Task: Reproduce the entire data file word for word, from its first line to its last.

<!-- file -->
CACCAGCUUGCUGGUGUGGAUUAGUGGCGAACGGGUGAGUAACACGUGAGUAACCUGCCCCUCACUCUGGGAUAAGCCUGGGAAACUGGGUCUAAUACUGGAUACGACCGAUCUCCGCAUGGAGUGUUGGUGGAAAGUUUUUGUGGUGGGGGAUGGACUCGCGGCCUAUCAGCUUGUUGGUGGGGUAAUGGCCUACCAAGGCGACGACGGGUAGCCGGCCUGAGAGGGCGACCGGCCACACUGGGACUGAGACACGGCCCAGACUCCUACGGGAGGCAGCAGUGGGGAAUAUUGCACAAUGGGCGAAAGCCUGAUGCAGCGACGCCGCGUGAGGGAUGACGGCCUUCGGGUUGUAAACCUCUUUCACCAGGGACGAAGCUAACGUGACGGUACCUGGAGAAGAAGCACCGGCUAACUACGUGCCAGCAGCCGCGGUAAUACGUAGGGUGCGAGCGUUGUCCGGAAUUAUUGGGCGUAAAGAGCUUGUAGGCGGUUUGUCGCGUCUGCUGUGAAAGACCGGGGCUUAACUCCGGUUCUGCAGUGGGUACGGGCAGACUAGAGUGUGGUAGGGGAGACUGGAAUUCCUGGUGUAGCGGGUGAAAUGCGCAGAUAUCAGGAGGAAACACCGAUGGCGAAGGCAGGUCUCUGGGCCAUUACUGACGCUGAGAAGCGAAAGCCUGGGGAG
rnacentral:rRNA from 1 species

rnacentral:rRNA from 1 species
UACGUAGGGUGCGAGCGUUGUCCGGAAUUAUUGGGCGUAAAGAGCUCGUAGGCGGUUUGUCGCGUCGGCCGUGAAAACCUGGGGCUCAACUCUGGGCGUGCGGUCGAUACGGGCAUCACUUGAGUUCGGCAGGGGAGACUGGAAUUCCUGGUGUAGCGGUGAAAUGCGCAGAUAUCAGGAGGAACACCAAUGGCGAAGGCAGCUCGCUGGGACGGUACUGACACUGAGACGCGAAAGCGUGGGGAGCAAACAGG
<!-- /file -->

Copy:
CACCAGCUUGCUGGUGUGGAUUAGUGGCGAACGGGUGAGUAACACGUGAGUAACCUGCCCCUCACUCUGGGAUAAGCCUGGGAAACUGGGUCUAAUACUGGAUACGACCGAUCUCCGCAUGGAGUGUUGGUGGAAAGUUUUUGUGGUGGGGGAUGGACUCGCGGCCUAUCAGCUUGUUGGUGGGGUAAUGGCCUACCAAGGCGACGACGGGUAGCCGGCCUGAGAGGGCGACCGGCCACACUGGGACUGAGACACGGCCCAGACUCCUACGGGAGGCAGCAGUGGGGAAUAUUGCACAAUGGGCGAAAGCCUGAUGCAGCGACGCCGCGUGAGGGAUGACGGCCUUCGGGUUGUAAACCUCUUUCACCAGGGACGAAGCUAACGUGACGGUACCUGGAGAAGAAGCACCGGCUAACUACGUGCCAGCAGCCGCGGUAAUACGUAGGGUGCGAGCGUUGUCCGGAAUUAUUGGGCGUAAAGAGCUUGUAGGCGGUUUGUCGCGUCUGCUGUGAAAGACCGGGGCUUAACUCCGGUUCUGCAGUGGGUACGGGCAGACUAGAGUGUGGUAGGGGAGACUGGAAUUCCUGGUGUAGCGGGUGAAAUGCGCAGAUAUCAGGAGGAAACACCGAUGGCGAAGGCAGGUCUCUGGGCCAUUACUGACGCUGAGAAGCGAAAGCCUGGGGAG
rnacentral:rRNA from 1 species

rnacentral:rRNA from 1 species
UACGUAGGGUGCGAGCGUUGUCCGGAAUUAUUGGGCGUAAAGAGCUCGUAGGCGGUUUGUCGCGUCGGCCGUGAAAACCUGGGGCUCAACUCUGGGCGUGCGGUCGAUACGGGCAUCACUUGAGUUCGGCAGGGGAGACUGGAAUUCCUGGUGUAGCGGUGAAAUGCGCAGAUAUCAGGAGGAACACCAAUGGCGAAGGCAGCUCGCUGGGACGGUACUGACACUGAGACGCGAAAGCGUGGGGAGCAAACAGG